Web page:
What About ABS?
Some motorcycles have ABS, and as such can have multiple bleed points. Often these brakes need to be bled in a specific order, including cycling the ABS module in between bleed points, so again, read your MOM or shop manual to find out what your motorcycle’s demands are. Bleeding brakes in the wrong order can cause ABS faults. If your ABS module gets bubbles in it or goes dry, it can lose its mind, and that can be a very expensive repair.
Use A Real Bleeder
While you can use any old clear plastic tubing for this job, I recommend buying a brake bleeder. It can be as simple as a purpose-made small plastic bottle with some tubes and a magnet, or slightly more expensive like the ever-popular MityVac, or a fancy compressor-assisted vacuum pump. Any of these, used according to the manufacturer’s directions, will help keep you from introducing air into your brakes’ hydraulic system. Air compresses, and bubbles will reduce or eliminate your brakes’ effectiveness.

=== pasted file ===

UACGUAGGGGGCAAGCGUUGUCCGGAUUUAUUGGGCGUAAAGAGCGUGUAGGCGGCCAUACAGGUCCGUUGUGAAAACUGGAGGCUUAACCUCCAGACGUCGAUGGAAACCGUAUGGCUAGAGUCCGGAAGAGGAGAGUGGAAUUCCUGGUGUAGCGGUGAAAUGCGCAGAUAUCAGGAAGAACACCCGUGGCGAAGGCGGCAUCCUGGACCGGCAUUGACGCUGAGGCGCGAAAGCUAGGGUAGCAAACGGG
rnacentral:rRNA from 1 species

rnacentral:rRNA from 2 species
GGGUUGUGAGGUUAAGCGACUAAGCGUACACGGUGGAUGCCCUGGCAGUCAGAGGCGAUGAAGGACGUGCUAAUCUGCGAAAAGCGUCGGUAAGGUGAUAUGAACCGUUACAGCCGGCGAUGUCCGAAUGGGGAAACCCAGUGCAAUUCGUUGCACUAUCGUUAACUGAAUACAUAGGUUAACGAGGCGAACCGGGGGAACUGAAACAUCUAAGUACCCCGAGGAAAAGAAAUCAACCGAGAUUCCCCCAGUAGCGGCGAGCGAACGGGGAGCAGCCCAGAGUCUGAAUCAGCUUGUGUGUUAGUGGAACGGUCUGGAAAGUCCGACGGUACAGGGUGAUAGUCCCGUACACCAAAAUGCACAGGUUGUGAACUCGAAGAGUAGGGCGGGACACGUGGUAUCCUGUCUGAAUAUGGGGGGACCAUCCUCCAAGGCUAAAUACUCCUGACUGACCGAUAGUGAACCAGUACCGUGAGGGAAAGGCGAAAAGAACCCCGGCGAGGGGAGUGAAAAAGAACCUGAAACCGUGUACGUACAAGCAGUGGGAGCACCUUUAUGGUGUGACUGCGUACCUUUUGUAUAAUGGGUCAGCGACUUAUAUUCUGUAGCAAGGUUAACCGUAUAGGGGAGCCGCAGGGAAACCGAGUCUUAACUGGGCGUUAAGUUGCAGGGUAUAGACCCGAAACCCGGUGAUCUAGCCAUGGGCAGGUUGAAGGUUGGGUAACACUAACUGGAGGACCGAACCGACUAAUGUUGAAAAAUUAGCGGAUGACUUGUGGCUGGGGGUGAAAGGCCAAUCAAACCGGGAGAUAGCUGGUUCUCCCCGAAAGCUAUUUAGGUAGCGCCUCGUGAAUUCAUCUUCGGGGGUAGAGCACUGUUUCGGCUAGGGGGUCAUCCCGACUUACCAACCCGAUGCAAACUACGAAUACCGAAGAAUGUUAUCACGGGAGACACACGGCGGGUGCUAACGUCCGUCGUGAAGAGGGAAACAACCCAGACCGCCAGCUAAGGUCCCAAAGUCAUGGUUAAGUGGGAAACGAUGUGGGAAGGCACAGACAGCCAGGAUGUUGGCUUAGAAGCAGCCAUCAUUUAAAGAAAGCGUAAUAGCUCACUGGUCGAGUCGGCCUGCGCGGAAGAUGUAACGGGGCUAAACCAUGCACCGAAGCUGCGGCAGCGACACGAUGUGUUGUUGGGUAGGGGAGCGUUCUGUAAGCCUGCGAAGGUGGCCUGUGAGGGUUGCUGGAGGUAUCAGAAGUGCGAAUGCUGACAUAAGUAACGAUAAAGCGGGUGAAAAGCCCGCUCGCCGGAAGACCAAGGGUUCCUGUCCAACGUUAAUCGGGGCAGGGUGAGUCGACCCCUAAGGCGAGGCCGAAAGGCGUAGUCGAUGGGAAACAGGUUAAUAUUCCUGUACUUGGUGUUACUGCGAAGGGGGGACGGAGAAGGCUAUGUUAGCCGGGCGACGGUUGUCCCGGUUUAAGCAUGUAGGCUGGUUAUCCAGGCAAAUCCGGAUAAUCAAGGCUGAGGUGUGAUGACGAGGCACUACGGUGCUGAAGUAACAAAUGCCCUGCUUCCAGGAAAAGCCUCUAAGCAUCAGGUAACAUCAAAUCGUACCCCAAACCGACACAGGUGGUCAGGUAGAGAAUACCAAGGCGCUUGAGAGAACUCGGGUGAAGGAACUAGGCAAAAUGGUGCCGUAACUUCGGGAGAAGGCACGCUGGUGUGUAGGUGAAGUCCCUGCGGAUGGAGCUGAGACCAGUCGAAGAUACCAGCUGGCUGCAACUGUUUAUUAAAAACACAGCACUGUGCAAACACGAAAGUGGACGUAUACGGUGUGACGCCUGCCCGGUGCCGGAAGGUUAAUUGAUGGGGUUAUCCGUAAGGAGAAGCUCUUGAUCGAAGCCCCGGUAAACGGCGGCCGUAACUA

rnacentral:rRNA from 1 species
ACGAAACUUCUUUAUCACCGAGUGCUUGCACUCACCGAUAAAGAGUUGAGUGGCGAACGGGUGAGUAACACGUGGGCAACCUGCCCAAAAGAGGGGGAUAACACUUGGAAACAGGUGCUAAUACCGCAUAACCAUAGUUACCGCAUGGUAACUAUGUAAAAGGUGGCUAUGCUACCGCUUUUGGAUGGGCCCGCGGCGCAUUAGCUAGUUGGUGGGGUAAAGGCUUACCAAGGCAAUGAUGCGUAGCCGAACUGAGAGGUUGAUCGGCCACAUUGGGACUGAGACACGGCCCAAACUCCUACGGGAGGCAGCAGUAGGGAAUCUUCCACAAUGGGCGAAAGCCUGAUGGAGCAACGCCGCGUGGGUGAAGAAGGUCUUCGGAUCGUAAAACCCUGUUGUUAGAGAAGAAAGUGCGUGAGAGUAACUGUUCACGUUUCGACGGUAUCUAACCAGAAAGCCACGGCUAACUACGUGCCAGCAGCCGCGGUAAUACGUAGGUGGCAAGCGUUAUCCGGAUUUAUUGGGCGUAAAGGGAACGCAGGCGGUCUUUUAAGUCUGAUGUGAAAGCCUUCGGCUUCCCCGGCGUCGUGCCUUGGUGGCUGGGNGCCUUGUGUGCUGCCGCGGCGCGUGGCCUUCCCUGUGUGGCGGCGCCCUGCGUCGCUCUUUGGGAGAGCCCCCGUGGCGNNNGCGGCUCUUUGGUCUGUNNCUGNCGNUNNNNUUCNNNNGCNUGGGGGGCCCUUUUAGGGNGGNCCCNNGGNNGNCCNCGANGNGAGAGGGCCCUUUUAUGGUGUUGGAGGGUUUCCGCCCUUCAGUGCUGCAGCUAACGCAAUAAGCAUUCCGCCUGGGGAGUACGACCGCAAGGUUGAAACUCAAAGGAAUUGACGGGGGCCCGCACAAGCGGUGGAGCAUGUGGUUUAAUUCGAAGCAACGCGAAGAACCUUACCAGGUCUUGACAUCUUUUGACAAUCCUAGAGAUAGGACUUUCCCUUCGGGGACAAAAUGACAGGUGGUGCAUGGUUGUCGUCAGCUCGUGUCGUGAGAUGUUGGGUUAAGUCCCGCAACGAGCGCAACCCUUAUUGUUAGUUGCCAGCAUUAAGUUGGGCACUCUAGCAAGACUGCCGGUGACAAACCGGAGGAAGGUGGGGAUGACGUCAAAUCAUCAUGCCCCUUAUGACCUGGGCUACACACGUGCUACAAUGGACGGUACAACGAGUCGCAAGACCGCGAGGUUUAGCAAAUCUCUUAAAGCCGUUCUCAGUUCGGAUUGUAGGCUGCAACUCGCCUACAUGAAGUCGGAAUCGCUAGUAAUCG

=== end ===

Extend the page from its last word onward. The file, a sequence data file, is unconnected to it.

Don't Just Trash It
Remember to dispose of your old brake fluid responsibly. Never reinstall old brake fluid; it is hygroscopic and repeated exposure to air (and humidity) will significantly reduce its efficacy by lowering its boiling point. Your friendly local auto parts supply shop can help you find out where to safely dispose of the old fluid.
Do you have more questions about brake fluid? What mistakes have you made when working on your brakes?